What S the Pattern?
Name ...... Class ...... Date ......
What’s the pattern?
- C2.1.2 Ionic bonding
- C2.1.3 Ionic compounds
- MS 5b
- WS 1.2
In this activity, you will look at ions and ionic bonding. The aim of this activity is to help you understand the link between an element’s position on the periodic table and the charge of its ion. This will help you in deducing the chemical formula of ionic compounds.
After completing this activity, you should be able to:
- give the charges of ions in Group 1, Group 2, Group 6, and Group 7 of the periodic table
- know that an ionic compound is a giant structure of ions arranged in a regular lattice
- represent the 3D structure of an ionic compound with a suitable model
- generate the formula of a wide range of ionic compounds when the charges of the ions are given.
Setting the scene
When a metal atom reacts with a non-metal atom, electrons in the outer shell of the metal are transferred to the non-metal. This turns the atoms into ions and an ionic compound is formed.
Ionic compounds are held together by strong electrostatic forces of attraction between oppositely charged ions, though the overall charge of the structure is zero. These forces act in all directions in the lattice and this is called ionic bonding.
In groups of three, take 20 sticky notes. Write the symbol for each of the first 20 elements on these sticky notes, each on a separate note (you’ll need a periodic table for this). Underneath the symbol for each element, also write the electronic structure of the atom, the electronic structure of its ion, and the charge of its ion.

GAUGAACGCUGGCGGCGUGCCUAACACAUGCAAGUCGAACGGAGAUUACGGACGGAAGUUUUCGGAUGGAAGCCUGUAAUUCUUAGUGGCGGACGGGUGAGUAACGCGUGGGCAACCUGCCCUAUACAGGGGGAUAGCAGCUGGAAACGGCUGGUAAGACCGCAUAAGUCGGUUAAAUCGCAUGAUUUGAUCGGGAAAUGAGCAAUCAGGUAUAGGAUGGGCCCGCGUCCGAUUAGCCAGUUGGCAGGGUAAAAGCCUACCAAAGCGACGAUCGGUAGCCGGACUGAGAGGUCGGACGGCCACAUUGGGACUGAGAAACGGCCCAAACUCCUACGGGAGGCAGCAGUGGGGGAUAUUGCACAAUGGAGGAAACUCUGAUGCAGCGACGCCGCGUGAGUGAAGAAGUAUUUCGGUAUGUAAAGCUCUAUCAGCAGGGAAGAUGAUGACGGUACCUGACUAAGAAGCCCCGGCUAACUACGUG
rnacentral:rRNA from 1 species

Then, sort your sticky notes into groups based on the charge of the ion. What do you notice about these groups and how they compare to the periodic table? Discuss with your group what the position of an element in the periodic table tells you about the ion it will form.
Using the sticky notes and your own knowledge to help you, answer the following questions.
1Complete the following sentences:
When metals bond with non-metals, the metals ______electrons and become ______charged ions.
Non-metals ______electrons and become ______charged ions.
This type of bonding is called ______bonding.
The ions are held together by strong ______forces of attraction, which act in all directions.
2Suggest and explain why:
aGroup 0 elements do not form compounds.
bGroup 4 elements do not form ions.
Student follow up
1Ionic compounds have no overall charge.
aA calcium atom has 20 electrons and an oxygen atom has 8 electrons. Use the electronic structures of calcium and oxygen to deduce the ratio of calcium ions to oxygen ions in calcium oxide.
bA sodium atom has 11 electrons and a sulfur atom has 16 electrons. Use the electronic structures of sodium and sulfur to deduce the ratio of sodium ions to sulfur ions in sodium sulfide.
2The table below shows the formulae of some common ionsPositive ions / Negative ions
Lithium / Li / Fluoride / F–
Potassium / K / Bromide / Br–
Silver / Ag / Hydroxide / OH–
Magnesium / Mg2 / Chloride / Cl–
Copper / Cu2 / Nitrate / NO3–
Aluminium / Al3 / Sulfate / SO42–
Chromium / Cr3 / Carbonate / CO32–
Three hydroxide ions (–1 charge) are needed to balance the charge of one aluminium ion (3 charge), so the chemical formula for aluminium hydroxide is Al(OH)3.
Use this information to work out the chemical formula of the following ionic compounds.
© Oxford University Press 2016
This resource sheet may have been changed from the original.1